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NMSU Scientists Work to Improve Alfalfa's Nutritional Quality

LAS CRUCES - No plant found in nature contains proteins balanced for all of the amino acids necessary to keep animals healthy. That's why dairy cows need supplements along with their alfalfa rations.


Scientists at New Mexico State University are working to develop a more nutritionally complete alfalfa that may someday replace the need for a costly supplement.

To be nutritionally balanced, plants would need to produce a full complement of proteins containing 10 amino acids essential for animal life.

"One of the problems with alfalfa in terms of nutrition is that its protein is not very rich in one particular amino acid called methionine," said John Kemp, a plant molecular geneticist with NMSU's Agricultural Experiment Station. "So our project has been to improve the quality of the protein in alfalfa by raising the amount of methionine."

Tammy May, an NMSU animal nutritionist collaborating with Kemp, said methionine is important for muscle growth, particularly for growing animals. Proteins are among the most costly nutritional supplements, she added.

To beef up alfalfa's nutritional quality, NMSU scientists have turned to corn, which contains proteins with high levels of methionine. Using genetic engineering techniques, they are moving genes from corn -- called zein genes -- into alfalfa.

"By doing that, hopefully the levels of that deficient amino acid methionine will increase to the point that alfalfa becomes nutritionally a high-quality protein for the animals' feed," Kemp said.

So far, the research looks promising, he added. "Initially, the goal was to simply learn how to transfer these genes into alfalfa and have them produce this high-quality protein," he said.

Nearly five years ago, Kemp and NMSU scientists Suman Bagga and Champa Sengupta-Gopalan were successful on this front.

Now, they are working to transfer as many as three zein genes at a time into alfalfa so enough methionine is present to make a difference in cow diets.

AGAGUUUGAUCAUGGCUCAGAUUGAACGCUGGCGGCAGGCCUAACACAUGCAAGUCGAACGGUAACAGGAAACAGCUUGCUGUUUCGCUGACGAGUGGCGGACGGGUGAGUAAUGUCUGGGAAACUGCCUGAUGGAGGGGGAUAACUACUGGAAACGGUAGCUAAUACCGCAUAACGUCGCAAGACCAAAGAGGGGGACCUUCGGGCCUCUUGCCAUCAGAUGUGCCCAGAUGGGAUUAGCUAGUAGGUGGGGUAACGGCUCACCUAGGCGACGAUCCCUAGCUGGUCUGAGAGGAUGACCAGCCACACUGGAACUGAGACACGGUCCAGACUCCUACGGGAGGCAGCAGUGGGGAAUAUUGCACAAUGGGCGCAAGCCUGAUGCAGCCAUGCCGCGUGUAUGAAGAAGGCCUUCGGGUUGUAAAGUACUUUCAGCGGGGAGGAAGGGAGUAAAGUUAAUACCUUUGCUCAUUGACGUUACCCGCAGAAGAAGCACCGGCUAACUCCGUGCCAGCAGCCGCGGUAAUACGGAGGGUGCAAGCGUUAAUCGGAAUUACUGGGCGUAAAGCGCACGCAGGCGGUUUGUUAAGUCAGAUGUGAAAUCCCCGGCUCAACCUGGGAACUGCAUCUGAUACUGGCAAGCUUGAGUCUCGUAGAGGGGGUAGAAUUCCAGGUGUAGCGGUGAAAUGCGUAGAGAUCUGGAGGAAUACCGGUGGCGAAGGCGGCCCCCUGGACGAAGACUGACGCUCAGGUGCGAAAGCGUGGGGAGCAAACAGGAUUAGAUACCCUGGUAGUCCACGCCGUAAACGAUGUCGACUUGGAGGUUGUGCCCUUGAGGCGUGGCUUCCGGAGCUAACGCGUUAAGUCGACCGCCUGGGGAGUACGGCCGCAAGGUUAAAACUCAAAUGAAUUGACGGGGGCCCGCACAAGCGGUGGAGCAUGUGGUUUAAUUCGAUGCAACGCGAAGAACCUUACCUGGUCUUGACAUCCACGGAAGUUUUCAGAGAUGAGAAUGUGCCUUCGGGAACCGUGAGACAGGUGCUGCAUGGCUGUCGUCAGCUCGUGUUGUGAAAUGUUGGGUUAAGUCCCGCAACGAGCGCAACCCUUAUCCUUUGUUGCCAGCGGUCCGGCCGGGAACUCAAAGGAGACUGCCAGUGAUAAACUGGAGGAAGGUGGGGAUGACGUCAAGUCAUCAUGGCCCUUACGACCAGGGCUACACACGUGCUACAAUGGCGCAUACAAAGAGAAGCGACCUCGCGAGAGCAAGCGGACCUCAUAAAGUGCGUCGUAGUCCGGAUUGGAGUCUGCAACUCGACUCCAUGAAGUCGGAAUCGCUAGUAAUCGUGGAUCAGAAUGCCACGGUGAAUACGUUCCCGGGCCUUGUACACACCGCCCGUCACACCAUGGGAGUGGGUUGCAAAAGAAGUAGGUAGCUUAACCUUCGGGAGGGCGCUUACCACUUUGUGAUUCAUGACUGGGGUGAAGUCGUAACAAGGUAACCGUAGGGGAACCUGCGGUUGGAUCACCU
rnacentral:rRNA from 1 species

"We believe we can produce enough to make a significant change, but those studies are ongoing," Kemp said.

A second area that the researchers are concentrating on is making sure the zein protein is in a form that's actually useful to the cows, which are ruminant animals with four stomach compartments. May said microorganisms in the rumen basically get "first dibs" on any food cows eat.

"To be of value to the animals, the protein must pass through the rumen unmodified so that it can go into the gut of the animal and be available as a source of protein and amino acids there," Kemp said.
Preliminary results indicate that the protein is stable through the rumen and can be digested by normal enzymes in the cow gut, he said.

The researchers are getting close to having a genetically altered alfalfa variety ready for testing, Kemp said. "We'll then need to grow that alfalfa out in the field for a while and begin to feed it to animals and to analyze whether it's actually making a significant improvement in their nutrition," he said.

While the zein research has been focused on alfalfa, the same genetic engineering techniques could be used to improve other forage crops. "In fact, one of our goals for many years has been to make this strategy available for human nutrition, and I think there are some very good possibilities there for improving crop plants we use for human consumption," Kemp said.

NMSU scientists are collaborating on the zein research with two private companies, Mycogen Inc. and Forage Genetics.